Inventor of 1st digital camera: ‘It was the size of a toaster.’ So what does he think of smartphones?

The 1975 prototype of the first digital camera, invented by Steven Sasson for Kodak(Courtesy Steven Sasson)
If you told a teenager today that snapping a photograph used to require buying film in advance, paying and waiting to have the film developed, the response would likely be “SMH,” or “shaking my head,” for those not steeped in social media.

Steven Sasson, the patent-holder for the world’s first digital camera, told WTOP he’s amazed that his invention has become ubiquitous: “I’m as surprised as anybody,” he laughed.

In 1974, Sasson was working for Kodak.

“I was challenged with getting a new type of imaging device, called a charge-coupled device, into the company — to play with it, and see if there was anything useful we could do with it,” Sasson said.

A charge-coupled device is a light-sensitive integrated circuit that captures images by converting photons to electrons.

“I was storing basically an electronic image in a memory system that I had put together,” Sasson said. “I said, ‘I’m creating kind of an electronic still camera.'”

Snapping the photo was only the first challenge: “I then proceeded to build a playback system that would allow us to actually view the image that I’ve captured.”

Sasson took his first picture using the camera and displayed it in December, 1975. His patent was filed with the U.S. Patent and Trademark Office in May of 1977 and was granted in December of 1978.

His 1975 prototype digital camera system was a far cry from today’s tiny, self-contained smartphone cameras and professional-grade digital cameras.

“It was about the size of a toaster. It weighed about 8 pounds or so,” Sasson said.

The device captured black-and-white images on a digital cassette tape, which at the time was the preferred way for music lovers to record music-to-go.

“If you bought them from Philips, they cost you a lot of money. But, if you went down and bought a Memorex audio cassette, that worked just as well,” Sasson said.

While today’s digital cameras instantly save an image on a camera roll, the process was far more involved in 1975.

“It was a very quick capture with available light, but it was digitized and stored in an onboard digital memory. And then, from there, it was slowly recorded to the audio cassette, because it had very limited bandwidth. That took about 23 seconds, as I remember,” Sasson said.

The image quality was rudimentary: “My original prototype only had 10,000 pixels, or .01 megapixels,” he said. “I think the latest iPhone has 48 megapixels.”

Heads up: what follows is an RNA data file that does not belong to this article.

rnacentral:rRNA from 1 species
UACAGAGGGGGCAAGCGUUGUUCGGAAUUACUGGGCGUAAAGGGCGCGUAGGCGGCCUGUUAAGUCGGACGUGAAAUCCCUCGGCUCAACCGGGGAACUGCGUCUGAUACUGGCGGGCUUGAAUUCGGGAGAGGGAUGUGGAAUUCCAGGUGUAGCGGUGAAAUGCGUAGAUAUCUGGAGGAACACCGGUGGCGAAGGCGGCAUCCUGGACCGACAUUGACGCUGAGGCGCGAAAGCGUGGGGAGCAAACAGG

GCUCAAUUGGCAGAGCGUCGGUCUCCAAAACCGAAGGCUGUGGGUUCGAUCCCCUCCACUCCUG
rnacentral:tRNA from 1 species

Missed opportunity?

In 1975, while he was demonstrating his prototype in Kodak conference rooms, company leaders were torn.

“They asked me, ‘When do you think it would be practical and actually in consumers’ hands?’ And I thought between 15 and 20 years,” Sasson said. “It turned out to be not a bad prediction.”

At the time, Sasson’s invention clashed with Kodak’s business models — he could take a picture by only consuming a few joules of energy, without the need for film or printing paper.

“It was instant, but it didn’t result in any consumables being used,” Sasson said. “Of course, that went against Kodak’s business model at the time, so it wasn’t too well received.”

Kodak decided to remain focused on its core business, involving film and paper.

“The first consumer digital camera that took color pictures that was reasonably priced was put on the market by Apple,” in 1994, Sasson said. “It was designed and built by Kodak. It was called the QuickTake 100, and it looked a bit like binoculars, sorta flat.”

Sasson went on to say, “It might seem odd to people that Kodak would build the first digital camera, but not claim it. That was simply because we were still afraid of cannibalizing film … We had the technology, we just didn’t have the business plan on how to deal with it.”

Sasson will take part in the 50th Anniversary Induction Ceremony for the National Inventors Hall of Fame on Oct. 26 at The Anthem, in Southwest D.C.

He has enjoyed watching the evolution of his invention into a technology that most people carry in their pockets, and the crystal-clear quality of images.

“I had no idea it would advance this fast in my lifetime,” Sasson said. “I thought, ‘if we could get to 2 million pixels, boy that would be great.’ I’m as surprised as anybody.”

Neal Augenstein

Neal Augenstein has been a reporter at WTOP since 1997. Through the years, Neal has covered many of the crimes and trials that have gripped the region. Neal's been pleased to receive awards over the years for hard news, feature reporting, use of sound and sports.

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